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Increasing the antitumor effect of an EpCAM-targeting fusion toxin by facile click PEGylation


Simon, Manuel; Stefan, Nikolas; Borsig, Lubor; Plückthun, Andreas; Zangemeister-Wittke, Uwe (2014). Increasing the antitumor effect of an EpCAM-targeting fusion toxin by facile click PEGylation. Molecular Cancer Therapeutics, 13(2):375-385.

Abstract

Fusion toxins used for cancer-related therapy have demonstrated short circulation half-lives, which impairs tumor localization and, hence, efficacy. Here, we demonstrate that the pharmacokinetics of a fusion toxin composed of a designed ankyrin repeat protein (DARPin) and domain I-truncated Pseudomonas Exotoxin A (PE40/ETA″) can be significantly improved by facile bioorthogonal conjugation with a polyethylene glycol (PEG) polymer at a unique position. Fusion of the anti-EpCAM DARPin Ec1 to ETA″ and expression in methionine-auxotrophic E. coli enabled introduction of the nonnatural amino acid azidohomoalanine (Aha) at position 1 for strain-promoted click PEGylation. PEGylated Ec1-ETA″ was characterized by detailed biochemical analysis, and its potential for tumor targeting was assessed using carcinoma cell lines of various histotypes in vitro, and subcutaneous and orthotopic tumor xenografts in vivo. The mild click reaction resulted in a well-defined mono-PEGylated product, which could be readily purified to homogeneity. Despite an increased hydrodynamic radius resulting from the polymer, the fusion toxin demonstrated high EpCAM-binding activity and retained cytotoxicity in the femtomolar range. Pharmacologic analysis in mice unveiled an almost 6-fold increase in the elimination half-life (14 vs. 82 minutes) and a more than 7-fold increase in the area under the curve (AUC) compared with non-PEGylated Ec1-ETA″, which directly translated in increased and longer-lasting effects on established tumor xenografts. Our data underline the great potential of combining the inherent advantages of the DARPin format with bioorthogonal click chemistry to overcome the limitations of engineering fusion toxins with enhanced efficacy for cancer-related therapy.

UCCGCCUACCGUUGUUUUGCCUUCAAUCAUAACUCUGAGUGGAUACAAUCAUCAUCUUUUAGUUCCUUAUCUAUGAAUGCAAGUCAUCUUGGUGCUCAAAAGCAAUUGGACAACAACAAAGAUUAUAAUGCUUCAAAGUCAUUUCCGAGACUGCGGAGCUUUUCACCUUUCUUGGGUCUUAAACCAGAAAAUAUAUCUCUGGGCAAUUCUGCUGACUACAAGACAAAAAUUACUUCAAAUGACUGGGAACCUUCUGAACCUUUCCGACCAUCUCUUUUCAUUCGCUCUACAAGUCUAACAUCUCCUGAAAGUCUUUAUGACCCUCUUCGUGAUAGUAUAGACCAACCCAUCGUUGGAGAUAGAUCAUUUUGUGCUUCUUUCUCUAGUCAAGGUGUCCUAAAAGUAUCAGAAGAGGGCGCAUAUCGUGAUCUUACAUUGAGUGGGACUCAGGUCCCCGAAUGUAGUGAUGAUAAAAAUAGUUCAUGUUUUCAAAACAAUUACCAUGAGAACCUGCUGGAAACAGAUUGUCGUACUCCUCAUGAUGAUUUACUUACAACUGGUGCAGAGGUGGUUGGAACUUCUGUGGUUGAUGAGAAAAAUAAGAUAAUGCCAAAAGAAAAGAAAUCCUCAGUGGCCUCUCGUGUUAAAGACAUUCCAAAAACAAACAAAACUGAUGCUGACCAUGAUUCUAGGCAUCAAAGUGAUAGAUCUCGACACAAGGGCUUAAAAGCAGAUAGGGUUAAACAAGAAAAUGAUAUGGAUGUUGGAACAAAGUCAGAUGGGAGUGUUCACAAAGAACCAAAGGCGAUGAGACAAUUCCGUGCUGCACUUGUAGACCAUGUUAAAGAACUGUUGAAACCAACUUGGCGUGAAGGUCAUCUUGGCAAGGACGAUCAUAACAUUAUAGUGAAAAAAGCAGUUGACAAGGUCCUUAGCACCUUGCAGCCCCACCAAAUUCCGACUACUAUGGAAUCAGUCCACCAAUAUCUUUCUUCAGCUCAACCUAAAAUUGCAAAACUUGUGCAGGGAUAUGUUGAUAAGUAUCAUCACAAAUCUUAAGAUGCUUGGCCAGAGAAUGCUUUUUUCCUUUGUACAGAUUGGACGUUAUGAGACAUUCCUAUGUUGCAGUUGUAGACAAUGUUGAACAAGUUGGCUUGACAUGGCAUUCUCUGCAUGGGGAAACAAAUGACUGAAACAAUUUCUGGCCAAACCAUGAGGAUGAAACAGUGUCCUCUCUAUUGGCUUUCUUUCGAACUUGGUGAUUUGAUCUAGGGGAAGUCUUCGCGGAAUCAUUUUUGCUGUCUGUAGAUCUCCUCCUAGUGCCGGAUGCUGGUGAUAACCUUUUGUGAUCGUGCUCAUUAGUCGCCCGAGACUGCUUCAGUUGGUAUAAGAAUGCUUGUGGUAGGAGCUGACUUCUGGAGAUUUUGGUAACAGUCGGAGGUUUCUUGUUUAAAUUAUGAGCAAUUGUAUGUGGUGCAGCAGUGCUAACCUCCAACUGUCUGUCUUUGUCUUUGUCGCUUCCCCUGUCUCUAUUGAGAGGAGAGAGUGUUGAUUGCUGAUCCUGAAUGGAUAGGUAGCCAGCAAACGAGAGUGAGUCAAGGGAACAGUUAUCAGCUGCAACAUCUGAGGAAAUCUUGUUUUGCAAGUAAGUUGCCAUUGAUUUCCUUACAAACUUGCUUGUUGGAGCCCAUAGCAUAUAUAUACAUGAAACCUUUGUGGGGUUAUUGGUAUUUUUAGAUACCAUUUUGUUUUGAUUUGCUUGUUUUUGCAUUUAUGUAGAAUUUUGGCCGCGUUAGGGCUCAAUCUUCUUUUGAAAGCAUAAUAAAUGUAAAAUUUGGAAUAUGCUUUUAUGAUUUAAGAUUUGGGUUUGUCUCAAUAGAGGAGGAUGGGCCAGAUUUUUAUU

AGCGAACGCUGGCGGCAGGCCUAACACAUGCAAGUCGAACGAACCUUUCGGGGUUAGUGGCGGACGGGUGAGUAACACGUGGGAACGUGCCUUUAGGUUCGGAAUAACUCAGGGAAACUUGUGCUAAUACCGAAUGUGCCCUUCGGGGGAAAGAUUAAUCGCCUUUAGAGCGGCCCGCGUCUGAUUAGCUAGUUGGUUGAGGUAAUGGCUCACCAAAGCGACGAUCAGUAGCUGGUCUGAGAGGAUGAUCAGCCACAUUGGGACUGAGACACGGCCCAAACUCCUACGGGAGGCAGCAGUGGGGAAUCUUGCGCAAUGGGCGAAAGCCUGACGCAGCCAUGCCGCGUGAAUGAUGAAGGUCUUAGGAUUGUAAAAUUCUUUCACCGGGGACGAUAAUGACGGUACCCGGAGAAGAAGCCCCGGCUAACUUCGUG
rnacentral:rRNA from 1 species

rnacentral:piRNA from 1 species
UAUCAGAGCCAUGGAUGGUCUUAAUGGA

Abstract

Fusion toxins used for cancer-related therapy have demonstrated short circulation half-lives, which impairs tumor localization and, hence, efficacy. Here, we demonstrate that the pharmacokinetics of a fusion toxin composed of a designed ankyrin repeat protein (DARPin) and domain I-truncated Pseudomonas Exotoxin A (PE40/ETA″) can be significantly improved by facile bioorthogonal conjugation with a polyethylene glycol (PEG) polymer at a unique position. Fusion of the anti-EpCAM DARPin Ec1 to ETA″ and expression in methionine-auxotrophic E. coli enabled introduction of the nonnatural amino acid azidohomoalanine (Aha) at position 1 for strain-promoted click PEGylation. PEGylated Ec1-ETA″ was characterized by detailed biochemical analysis, and its potential for tumor targeting was assessed using carcinoma cell lines of various histotypes in vitro, and subcutaneous and orthotopic tumor xenografts in vivo. The mild click reaction resulted in a well-defined mono-PEGylated product, which could be readily purified to homogeneity. Despite an increased hydrodynamic radius resulting from the polymer, the fusion toxin demonstrated high EpCAM-binding activity and retained cytotoxicity in the femtomolar range. Pharmacologic analysis in mice unveiled an almost 6-fold increase in the elimination half-life (14 vs. 82 minutes) and a more than 7-fold increase in the area under the curve (AUC) compared with non-PEGylated Ec1-ETA″, which directly translated in increased and longer-lasting effects on established tumor xenografts. Our data underline the great potential of combining the inherent advantages of the DARPin format with bioorthogonal click chemistry to overcome the limitations of engineering fusion toxins with enhanced efficacy for cancer-related therapy.

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Additional indexing

Item Type:Journal Article, refereed, original work
Communities & Collections:04 Faculty of Medicine > Department of Biochemistry
07 Faculty of Science > Department of Biochemistry
Dewey Decimal Classification:570 Life sciences; biology
Language:English
Date:2014
Deposited On:02 Jul 2014 14:09
Last Modified:05 Apr 2016 17:56
Publisher:American Association for Cancer Research
ISSN:1535-7163
Free access at:Publisher DOI. An embargo period may apply.
Publisher DOI:https://doi.org/10.1158/1535-7163.MCT-13-0523
PubMed ID:24184633

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